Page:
Fiscal federalism and the political economy of territorial finance

Authored by: Anwar Shah

Routledge Handbook of Regionalism and Federalism

Print publication date:  May  2013
Online publication date:  July  2013

Print ISBN: 9780415566216
eBook ISBN: 9780203395974
Adobe ISBN: 9781136727627

10.4324/9780203395974.ch7

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Abstract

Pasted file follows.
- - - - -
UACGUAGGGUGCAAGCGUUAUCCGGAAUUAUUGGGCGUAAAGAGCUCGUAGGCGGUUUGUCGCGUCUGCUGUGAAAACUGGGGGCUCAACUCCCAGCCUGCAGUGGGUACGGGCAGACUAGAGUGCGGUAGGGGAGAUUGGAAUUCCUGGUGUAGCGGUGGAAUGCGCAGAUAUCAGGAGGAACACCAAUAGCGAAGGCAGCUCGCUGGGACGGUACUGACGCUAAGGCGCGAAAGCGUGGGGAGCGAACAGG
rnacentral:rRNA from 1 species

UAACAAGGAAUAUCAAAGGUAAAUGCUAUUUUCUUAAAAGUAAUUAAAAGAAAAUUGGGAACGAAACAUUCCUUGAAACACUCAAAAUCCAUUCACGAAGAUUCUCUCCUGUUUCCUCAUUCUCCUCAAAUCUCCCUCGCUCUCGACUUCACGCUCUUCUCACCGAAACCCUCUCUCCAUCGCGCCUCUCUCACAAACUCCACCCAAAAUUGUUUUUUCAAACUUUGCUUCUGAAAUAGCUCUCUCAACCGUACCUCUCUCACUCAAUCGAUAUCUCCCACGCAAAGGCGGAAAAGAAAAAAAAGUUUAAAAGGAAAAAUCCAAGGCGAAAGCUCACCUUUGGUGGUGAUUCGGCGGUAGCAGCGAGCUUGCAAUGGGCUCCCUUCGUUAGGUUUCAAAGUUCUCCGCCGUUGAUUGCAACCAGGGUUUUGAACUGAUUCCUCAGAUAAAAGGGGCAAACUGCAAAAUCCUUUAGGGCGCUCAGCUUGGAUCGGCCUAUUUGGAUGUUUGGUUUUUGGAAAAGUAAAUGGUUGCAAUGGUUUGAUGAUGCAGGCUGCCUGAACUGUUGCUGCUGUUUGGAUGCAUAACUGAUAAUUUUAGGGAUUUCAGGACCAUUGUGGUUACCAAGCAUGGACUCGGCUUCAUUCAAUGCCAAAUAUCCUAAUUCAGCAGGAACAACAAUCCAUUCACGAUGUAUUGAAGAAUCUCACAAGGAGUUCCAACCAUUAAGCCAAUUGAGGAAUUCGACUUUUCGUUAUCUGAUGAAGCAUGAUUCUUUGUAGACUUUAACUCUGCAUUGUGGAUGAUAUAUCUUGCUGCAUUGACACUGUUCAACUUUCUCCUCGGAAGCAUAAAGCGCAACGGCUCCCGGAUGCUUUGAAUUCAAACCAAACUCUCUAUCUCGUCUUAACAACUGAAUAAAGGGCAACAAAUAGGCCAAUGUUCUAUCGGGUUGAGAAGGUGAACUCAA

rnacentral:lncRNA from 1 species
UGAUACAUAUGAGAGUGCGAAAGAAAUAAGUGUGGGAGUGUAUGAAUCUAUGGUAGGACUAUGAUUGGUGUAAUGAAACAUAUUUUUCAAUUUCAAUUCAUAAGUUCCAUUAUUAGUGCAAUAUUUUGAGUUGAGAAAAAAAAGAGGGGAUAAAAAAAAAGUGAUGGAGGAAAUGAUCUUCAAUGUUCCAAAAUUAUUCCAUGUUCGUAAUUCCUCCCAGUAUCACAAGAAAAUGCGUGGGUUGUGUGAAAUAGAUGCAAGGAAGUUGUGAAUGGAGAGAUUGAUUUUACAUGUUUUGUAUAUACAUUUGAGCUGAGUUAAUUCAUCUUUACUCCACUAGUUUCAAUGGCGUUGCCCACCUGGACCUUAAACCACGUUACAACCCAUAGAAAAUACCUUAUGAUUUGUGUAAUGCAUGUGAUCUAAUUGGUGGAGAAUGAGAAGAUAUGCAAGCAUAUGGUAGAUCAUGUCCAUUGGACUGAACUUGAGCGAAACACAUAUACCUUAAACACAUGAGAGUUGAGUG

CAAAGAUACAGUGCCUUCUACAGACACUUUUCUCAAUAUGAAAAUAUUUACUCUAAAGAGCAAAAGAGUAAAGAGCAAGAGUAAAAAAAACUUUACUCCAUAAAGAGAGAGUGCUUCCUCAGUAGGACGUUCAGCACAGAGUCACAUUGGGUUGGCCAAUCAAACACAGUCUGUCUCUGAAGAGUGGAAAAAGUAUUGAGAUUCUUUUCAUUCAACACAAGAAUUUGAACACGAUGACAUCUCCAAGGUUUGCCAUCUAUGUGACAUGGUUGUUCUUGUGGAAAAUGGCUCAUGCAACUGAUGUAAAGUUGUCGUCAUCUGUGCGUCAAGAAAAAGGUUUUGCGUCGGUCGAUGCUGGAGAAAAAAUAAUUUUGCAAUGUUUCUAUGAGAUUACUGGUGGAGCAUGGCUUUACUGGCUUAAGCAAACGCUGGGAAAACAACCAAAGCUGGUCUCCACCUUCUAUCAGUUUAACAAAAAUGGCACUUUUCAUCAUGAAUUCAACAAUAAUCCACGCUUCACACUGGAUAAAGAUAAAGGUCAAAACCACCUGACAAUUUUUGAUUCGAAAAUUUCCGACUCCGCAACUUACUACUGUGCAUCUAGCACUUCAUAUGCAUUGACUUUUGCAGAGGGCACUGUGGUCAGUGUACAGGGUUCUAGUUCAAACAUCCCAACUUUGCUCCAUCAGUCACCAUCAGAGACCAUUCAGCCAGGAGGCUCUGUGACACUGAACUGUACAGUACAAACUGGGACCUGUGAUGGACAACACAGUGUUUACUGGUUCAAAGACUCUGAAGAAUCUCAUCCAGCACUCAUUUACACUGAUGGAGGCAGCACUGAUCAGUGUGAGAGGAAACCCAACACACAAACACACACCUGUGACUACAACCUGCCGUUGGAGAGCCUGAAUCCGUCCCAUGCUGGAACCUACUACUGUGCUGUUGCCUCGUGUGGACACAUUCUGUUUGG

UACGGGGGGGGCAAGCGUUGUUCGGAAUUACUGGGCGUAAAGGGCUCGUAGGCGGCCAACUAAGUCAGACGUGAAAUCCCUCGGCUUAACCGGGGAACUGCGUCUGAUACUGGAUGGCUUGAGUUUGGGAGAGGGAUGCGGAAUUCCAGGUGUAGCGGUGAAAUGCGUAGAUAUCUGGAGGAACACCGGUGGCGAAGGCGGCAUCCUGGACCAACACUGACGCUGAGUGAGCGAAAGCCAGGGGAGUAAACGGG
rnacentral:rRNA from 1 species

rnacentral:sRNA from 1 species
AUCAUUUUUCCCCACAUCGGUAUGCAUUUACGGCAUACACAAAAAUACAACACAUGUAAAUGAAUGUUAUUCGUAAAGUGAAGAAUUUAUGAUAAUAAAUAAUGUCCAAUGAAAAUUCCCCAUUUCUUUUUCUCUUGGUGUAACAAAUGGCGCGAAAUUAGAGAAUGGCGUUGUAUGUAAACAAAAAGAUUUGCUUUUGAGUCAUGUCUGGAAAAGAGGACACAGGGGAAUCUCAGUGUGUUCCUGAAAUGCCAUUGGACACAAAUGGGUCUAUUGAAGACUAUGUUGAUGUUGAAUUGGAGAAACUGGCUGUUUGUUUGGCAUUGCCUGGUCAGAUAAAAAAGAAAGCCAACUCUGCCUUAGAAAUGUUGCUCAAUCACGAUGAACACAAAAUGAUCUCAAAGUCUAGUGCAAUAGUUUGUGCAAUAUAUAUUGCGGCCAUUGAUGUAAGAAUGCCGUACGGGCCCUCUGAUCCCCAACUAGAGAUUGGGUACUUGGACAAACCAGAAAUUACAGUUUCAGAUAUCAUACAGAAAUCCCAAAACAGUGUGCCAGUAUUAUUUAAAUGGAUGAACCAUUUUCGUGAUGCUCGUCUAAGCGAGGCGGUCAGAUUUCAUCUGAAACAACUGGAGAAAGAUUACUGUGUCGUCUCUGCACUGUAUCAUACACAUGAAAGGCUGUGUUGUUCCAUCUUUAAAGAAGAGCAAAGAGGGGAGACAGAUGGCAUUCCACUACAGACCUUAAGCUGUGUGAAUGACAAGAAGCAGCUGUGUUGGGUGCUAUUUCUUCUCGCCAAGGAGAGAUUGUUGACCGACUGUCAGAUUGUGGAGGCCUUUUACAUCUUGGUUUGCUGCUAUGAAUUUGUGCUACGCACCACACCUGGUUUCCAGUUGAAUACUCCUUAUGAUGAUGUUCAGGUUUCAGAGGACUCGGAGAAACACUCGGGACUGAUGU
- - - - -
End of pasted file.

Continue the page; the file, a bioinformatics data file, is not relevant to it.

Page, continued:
To date, there have been 28 federal or quasi-federal and 20 decentralized unitary countries with a combined total of about two-thirds of the world’s population. These governance arrangements have led to a resurgence of interest in fiscal federalism principles and practices as federal systems are seen to provide safeguards against the threat of centralized exploitation as well as decentralized opportunistic behaviour while bringing decision making closer to the people. Fiscal federalism principles are concerned with the division of economic powers and the structure and design of intergovernmental finance to secure a common economic union. Each country adapts these principles to suit its political, institutional and cultural characteristics; as a result, each country has a unique structure of economic governance. More often than not, though, politics trumps fiscal federalism principles. This chapter is concerned with four areas of concern: division of taxing powers for sales and resource taxes, fiscal equalization transfers, tax competition, and shared responsibility for fiscal discipline.

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